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Spotlighting Rare Epilepsies this Purple Day

Updated: May 31


Purple Day takes place annually on March 26 as an international effort to spread awareness and resources about epilepsy. It’s a tradition to wear purple on Purple Day because lavenders are the representative flower of epilepsy. While epilepsy is not rare, there are many rare causes of epilepsy.


On Purple Day, learn crucial information about rare epilepsies:

  • Rare epilepsies may be medically complex, making diagnosis difficult. Many Rare Epilepsies are even missed and misdiagnosed, so getting the correct diagnosis may take a long time. Therefore, the rare epilepsy diagnosis process is often described as the “diagnostic odyssey.” Learn more about the “diagnostic odyssey” here.

  • 50% of people with epilepsy do not know the cause of their epilepsy. Knowing the cause can help people find treatment, information and support.

  • Most epilepsy is treated with anti-seizure medications. Other treatments include: diets, surgery, and medical devices. Precision therapy is on the horizon for multiple rare epilepsies. Precision therapies involve personalized treatments for patients using their genetic makeup. New precision therapies are being developed for rare epilepsies using gene therapy and other innovative strategies. Learn more about seizure and epilepsy medicines here, dietary therapies here, and epilepsy surgeries here.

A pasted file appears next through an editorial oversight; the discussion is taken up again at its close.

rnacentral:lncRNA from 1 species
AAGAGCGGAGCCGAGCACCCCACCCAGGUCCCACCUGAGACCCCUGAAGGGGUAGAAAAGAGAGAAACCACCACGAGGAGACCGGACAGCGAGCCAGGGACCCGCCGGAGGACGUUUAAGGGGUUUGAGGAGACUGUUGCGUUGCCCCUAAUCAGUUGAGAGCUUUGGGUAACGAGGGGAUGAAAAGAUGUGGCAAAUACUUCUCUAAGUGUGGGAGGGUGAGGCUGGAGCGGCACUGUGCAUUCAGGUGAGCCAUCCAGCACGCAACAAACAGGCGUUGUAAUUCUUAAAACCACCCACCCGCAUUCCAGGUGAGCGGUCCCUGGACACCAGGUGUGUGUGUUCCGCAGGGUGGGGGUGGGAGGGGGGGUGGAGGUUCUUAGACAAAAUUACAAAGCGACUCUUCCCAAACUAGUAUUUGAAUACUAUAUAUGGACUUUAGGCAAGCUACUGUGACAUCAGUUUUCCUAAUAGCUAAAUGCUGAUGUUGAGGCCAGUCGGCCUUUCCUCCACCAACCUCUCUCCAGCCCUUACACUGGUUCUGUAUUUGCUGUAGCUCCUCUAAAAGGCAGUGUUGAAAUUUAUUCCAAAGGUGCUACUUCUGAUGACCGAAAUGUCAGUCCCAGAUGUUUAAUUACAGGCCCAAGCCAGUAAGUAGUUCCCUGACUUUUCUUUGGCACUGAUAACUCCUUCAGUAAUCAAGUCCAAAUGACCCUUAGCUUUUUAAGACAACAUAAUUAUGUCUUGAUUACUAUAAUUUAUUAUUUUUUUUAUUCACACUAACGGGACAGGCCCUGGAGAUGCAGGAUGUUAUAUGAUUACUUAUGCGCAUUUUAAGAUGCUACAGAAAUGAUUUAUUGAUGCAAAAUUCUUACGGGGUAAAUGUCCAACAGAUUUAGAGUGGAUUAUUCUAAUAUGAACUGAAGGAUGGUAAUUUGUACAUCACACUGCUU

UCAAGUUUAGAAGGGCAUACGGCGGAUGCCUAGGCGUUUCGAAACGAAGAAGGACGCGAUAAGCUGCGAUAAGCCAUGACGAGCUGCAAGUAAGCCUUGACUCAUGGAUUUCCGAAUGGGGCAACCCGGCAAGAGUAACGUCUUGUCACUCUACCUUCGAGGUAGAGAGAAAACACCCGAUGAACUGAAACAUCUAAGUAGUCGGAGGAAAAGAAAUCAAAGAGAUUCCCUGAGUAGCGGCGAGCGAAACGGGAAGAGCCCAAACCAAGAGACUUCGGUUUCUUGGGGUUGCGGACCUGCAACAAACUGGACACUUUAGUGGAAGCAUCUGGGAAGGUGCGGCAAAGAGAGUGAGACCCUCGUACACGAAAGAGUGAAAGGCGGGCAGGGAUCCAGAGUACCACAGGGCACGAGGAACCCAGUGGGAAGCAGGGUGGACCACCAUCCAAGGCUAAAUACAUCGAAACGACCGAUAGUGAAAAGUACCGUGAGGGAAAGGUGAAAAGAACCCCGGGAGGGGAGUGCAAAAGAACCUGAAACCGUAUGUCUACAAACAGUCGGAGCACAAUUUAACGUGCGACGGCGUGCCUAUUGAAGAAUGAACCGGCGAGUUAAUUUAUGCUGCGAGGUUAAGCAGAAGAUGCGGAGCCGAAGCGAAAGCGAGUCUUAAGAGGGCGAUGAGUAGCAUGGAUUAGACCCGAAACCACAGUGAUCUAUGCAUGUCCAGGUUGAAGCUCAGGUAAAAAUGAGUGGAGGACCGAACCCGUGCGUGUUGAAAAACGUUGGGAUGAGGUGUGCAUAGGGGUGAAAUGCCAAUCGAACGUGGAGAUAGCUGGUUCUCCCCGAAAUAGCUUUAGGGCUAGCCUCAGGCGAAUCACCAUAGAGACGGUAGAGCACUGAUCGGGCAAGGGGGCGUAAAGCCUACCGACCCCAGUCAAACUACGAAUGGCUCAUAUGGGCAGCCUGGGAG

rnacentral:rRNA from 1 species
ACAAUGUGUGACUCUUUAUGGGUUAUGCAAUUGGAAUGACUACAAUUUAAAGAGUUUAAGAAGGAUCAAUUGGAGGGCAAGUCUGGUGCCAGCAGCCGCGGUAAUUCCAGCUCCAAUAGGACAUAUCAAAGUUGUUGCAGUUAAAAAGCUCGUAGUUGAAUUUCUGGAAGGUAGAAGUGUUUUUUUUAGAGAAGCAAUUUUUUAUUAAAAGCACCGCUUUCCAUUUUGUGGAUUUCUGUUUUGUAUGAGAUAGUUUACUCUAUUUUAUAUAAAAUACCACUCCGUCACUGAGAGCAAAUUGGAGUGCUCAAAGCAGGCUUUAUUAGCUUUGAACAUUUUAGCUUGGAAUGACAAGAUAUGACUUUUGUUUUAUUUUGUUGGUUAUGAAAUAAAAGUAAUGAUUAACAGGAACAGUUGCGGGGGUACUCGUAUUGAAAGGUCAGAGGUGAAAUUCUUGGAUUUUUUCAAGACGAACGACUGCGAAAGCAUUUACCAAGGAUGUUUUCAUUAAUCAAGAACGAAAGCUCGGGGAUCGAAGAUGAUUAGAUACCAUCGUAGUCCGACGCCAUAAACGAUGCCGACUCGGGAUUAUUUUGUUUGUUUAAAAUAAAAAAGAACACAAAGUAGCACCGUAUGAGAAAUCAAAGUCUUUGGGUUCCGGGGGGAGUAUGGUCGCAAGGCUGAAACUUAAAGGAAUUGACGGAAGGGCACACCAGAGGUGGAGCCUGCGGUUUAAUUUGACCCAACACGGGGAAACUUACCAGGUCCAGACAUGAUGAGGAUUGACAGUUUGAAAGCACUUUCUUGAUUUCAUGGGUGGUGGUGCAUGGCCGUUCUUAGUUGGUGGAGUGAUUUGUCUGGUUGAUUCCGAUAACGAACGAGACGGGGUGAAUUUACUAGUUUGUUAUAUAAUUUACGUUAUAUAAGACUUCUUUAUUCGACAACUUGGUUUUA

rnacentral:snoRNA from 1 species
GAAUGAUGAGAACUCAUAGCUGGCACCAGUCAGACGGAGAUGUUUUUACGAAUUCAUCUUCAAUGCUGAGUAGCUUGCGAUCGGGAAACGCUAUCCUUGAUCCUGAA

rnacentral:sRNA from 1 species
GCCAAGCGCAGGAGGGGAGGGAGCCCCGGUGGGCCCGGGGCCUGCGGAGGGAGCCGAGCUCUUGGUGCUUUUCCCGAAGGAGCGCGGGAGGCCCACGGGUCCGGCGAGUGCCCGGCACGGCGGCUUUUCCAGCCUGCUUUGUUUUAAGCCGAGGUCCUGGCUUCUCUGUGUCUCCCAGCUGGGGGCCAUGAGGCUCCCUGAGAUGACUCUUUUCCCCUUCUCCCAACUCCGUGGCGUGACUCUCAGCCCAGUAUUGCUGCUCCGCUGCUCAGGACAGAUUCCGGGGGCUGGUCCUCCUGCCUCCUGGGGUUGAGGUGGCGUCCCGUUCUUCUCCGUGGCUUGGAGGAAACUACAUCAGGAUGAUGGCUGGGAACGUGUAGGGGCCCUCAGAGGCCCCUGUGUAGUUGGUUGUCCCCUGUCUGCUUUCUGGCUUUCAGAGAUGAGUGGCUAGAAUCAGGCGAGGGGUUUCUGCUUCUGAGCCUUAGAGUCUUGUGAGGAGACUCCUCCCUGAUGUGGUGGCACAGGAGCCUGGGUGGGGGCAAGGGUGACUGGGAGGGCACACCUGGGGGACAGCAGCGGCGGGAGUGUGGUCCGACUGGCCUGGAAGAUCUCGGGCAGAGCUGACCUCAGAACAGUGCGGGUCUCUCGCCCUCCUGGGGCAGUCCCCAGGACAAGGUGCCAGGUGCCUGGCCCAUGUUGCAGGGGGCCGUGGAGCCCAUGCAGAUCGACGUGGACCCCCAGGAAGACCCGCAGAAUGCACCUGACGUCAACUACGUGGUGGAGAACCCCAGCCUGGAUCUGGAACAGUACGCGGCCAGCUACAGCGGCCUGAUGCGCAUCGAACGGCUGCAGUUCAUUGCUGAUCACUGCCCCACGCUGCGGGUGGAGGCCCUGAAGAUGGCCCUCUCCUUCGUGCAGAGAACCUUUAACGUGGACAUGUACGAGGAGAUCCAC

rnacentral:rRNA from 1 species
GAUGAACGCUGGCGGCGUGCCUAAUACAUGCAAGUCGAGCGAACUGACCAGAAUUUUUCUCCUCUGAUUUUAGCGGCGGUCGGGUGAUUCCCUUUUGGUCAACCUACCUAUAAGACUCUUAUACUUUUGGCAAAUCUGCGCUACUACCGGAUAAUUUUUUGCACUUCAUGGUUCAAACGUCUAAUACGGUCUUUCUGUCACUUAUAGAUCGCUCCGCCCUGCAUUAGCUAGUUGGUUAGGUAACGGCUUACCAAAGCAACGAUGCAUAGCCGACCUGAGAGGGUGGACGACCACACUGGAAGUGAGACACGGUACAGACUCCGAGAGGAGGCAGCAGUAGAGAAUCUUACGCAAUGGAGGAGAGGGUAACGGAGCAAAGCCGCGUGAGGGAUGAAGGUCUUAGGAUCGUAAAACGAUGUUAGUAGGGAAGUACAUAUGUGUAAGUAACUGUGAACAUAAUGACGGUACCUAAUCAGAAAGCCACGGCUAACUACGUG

• Conditions that are often associated with epilepsy may include cognitive concerns like memory or learning disabilities, developmental delays, psychiatric concerns (including depression, anxiety, and Autism Spectrum disorders), behavioral concerns, and medical concerns (like language, mobility, sleep, respiratory system disorders, gastrointestinal and digestive disorders, and migraines). Therefore, treatment of the person as a whole rather than solely focusing on epilepsy is crucial because these conditions can be very serious. Learn more about rare epilepsy associated conditions here.

  • There are many different forms of seizures associated with rare epilepsies and patients can have different forms. Therefore, it is important to know which seizures patients are having so their treatment is effective. Learn more about the types of seizures here.


Learn more about rare epilepsies:


Visit the Purple Day Website here


Meet the Members of the Rare Epilepsy Network YouTube Video


Find your Rare Epilepsy Community

If you are diagnosed with a rare epilepsy, visit Rare Epilepsy Network’s 80+ members to find diagnosis specific information, education, support, and community.

If you are aware of other valued resources or to provide updates or correct errors, please contact: info@rareepilepsynetwork.org.

Disclaimer: All resources are provided as a courtesy. We are not endorsing any organizations or providing medical advice.


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